It’s best to begin with a warning that this book is filled with dark, violent sexual imagery and outrageous situations intended to make adults laugh and think. It contains images of nudity, extreme violence, sexual intimacy and excess – both hetero- and homosexual – and language commonly used in the privacy of the bedroom, drunken street brawls and school playgrounds whenever adults aren’t present.

Steve Clay Wilson was an uncompromising, controversial, counterculture pioneer, constantly challenging attitudes and sensitivities whilst telling the kind of cartoon tales he wanted – or perhaps had – to. Something of a contradiction to those who knew him, charming, charismatic Wilson lived life to the full and took his art seriously.

And what art! Stark, complex, shocking, incredibly detailed tableaux jumping with modern Rabelaisian content: mesmerising scenes packed with intense multi-layered busyness, crammed with outrageous, iconic characters in constant surging motion, mostly combative and hilariously violent. The hedonistic exuberance of frantic fighters rejoicing in the wild freedom is exemplified by bikers, cowboys, pirates, bull dykes and devils, augmented by other violent ne’er-do-wells, grotesques, human-scaled beasts and things that could be drawn, but never described. Wilson’s work seethes with excess, always unsettling scenes of society’s biggest taboos – sex and personal freedom. It makes him the modern successor to Pieter Bruegel and Hieronymus Bosch.

This intimate and informative oversize (286 x 202mm) hardcover biography and graphic overview is compiled from previous writings and extensive interviews. Anecdotes and reminiscences are augmented with photos, paintings, illustrated letters and private or previously-unpublished artwork, and a wealth of gloriously outrageous strips. These are all Wilson’s published comics from the heady days of America’s counterculture explosion in 1968 to its virtual demise in 1976.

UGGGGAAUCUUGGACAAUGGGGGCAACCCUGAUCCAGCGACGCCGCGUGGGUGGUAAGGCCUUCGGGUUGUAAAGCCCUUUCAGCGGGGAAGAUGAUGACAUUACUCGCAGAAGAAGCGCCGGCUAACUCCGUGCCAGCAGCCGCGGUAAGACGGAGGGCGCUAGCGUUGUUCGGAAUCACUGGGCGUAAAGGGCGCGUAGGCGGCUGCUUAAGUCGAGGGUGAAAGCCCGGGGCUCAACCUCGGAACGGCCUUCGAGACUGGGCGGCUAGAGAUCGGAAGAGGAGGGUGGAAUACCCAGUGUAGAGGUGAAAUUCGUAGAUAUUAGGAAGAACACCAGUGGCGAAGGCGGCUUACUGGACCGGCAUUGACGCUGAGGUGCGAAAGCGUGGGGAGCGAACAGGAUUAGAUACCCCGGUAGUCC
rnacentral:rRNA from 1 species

A warm introduction by college pal and flatmate John Gary Brown precedes the hagiography of horrors begining with ‘Wilson’s Childhood’. The strips accompany chapters segmenting Wilson’s life, and this section has a gory welter of early triumphs in black and white.

Wilson’s turbulent brush with art school and academia at the University of Nebraska is detailed in ‘Higher Education’ as is his understandably less than glorious military service and adoption of the drop-out lifestyle, topped off by more manic strips and panels, which he called “Deep Scenes”. The titles tell you all you need to know. 1968’s The Hog Ridin’ Fools’ features a very early appearance of Wilson’s signature character the Checkered Demon, and among others, there’s ‘Just as you said Madge… He’s Shitting’, ‘Captain Pissgums and his Pervert Pirates’, ‘A Ball in the Bung Hole’, ‘Leather Tits’ and the debut of his occasional lewd lead ‘Star-Eyed Stella’.

Wilson’s move to Lawrence, Kansas preceded an inevitable relocation to the West Coast. This chapter is abutted by another wave of glorious filth and ferocity, comprising non-biblical epic ‘The Felching Vampires Meet the Holy Virgin Mary’.

Wilson saw artistic creation as a collaborative process demanding a response. On reaching the golden lands of ‘The Barbary Coast’ his jams with the likes of Robert Crumb – who claims the flatlander inspired him to completely release all his artistic inhibitions – and creative compadrés like Spain Rodriguez, Rick Griffin, Robert Williams and Victor Moscoso, made them royalty in the San Francisco heart of the revolution. That star-studded, astounding period and how it began to fade makes up the last revelatory chapter in this initial volume (of three).

Scholarly yet surprisingly engaging, this superb collation, contrived and shepherded by Patrick Rosenkranz, offers an amazingly and unforgettable close-up view of one of the most important cartoonists in American history. This is a book no serious lover of the art form or devotee of grown-up comics can afford to miss.